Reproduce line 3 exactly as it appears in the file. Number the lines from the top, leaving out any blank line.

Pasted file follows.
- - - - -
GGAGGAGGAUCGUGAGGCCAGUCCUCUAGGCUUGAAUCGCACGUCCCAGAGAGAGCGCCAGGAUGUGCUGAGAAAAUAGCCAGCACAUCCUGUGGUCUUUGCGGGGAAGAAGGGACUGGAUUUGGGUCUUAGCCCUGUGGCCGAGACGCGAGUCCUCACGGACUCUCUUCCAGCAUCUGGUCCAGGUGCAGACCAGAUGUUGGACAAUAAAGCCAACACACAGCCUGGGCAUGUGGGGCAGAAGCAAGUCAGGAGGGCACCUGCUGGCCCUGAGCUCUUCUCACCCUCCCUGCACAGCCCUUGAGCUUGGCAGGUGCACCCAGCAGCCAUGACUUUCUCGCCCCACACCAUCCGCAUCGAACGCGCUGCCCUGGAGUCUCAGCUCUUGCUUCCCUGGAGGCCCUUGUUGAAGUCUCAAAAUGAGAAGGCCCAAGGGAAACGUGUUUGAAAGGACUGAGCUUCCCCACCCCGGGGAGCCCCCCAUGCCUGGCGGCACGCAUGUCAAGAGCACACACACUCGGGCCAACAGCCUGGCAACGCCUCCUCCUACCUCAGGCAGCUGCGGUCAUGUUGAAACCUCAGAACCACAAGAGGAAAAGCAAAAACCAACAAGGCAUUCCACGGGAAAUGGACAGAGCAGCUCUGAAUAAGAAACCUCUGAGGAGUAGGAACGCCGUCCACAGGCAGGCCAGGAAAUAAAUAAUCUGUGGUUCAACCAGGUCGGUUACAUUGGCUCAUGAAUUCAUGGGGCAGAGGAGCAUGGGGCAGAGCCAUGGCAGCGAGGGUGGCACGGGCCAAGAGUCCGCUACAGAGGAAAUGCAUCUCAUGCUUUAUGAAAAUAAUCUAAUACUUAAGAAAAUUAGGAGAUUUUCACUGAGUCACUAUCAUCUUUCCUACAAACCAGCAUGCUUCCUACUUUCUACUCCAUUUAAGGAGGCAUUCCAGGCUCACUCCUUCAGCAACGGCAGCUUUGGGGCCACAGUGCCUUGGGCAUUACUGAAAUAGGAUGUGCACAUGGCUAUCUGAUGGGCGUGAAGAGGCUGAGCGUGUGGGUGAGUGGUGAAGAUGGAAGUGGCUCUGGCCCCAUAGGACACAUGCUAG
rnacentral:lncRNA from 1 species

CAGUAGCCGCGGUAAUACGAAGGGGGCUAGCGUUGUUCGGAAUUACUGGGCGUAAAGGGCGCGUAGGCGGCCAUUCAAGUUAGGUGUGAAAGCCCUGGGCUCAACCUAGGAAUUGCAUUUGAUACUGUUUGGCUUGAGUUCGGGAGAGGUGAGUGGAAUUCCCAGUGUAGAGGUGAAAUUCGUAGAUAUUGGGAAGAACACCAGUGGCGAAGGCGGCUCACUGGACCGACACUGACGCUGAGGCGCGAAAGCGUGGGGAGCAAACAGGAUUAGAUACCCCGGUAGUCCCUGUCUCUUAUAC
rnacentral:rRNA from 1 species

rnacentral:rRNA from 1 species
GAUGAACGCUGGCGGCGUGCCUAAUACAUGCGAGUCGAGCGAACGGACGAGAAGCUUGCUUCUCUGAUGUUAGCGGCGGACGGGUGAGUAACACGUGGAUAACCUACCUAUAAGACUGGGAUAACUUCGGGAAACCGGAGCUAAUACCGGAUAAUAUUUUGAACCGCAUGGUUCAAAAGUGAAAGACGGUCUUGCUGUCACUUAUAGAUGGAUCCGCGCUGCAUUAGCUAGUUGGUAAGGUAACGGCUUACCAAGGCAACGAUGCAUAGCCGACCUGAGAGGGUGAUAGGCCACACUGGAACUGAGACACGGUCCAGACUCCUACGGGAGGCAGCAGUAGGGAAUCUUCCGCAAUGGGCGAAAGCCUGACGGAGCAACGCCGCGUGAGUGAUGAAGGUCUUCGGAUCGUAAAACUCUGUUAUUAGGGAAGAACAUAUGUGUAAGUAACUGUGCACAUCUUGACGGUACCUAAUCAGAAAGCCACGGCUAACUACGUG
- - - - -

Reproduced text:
CAGUAGCCGCGGUAAUACGAAGGGGGCUAGCGUUGUUCGGAAUUACUGGGCGUAAAGGGCGCGUAGGCGGCCAUUCAAGUUAGGUGUGAAAGCCCUGGGCUCAACCUAGGAAUUGCAUUUGAUACUGUUUGGCUUGAGUUCGGGAGAGGUGAGUGGAAUUCCCAGUGUAGAGGUGAAAUUCGUAGAUAUUGGGAAGAACACCAGUGGCGAAGGCGGCUCACUGGACCGACACUGACGCUGAGGCGCGAAAGCGUGGGGAGCAAACAGGAUUAGAUACCCCGGUAGUCCCUGUCUCUUAUAC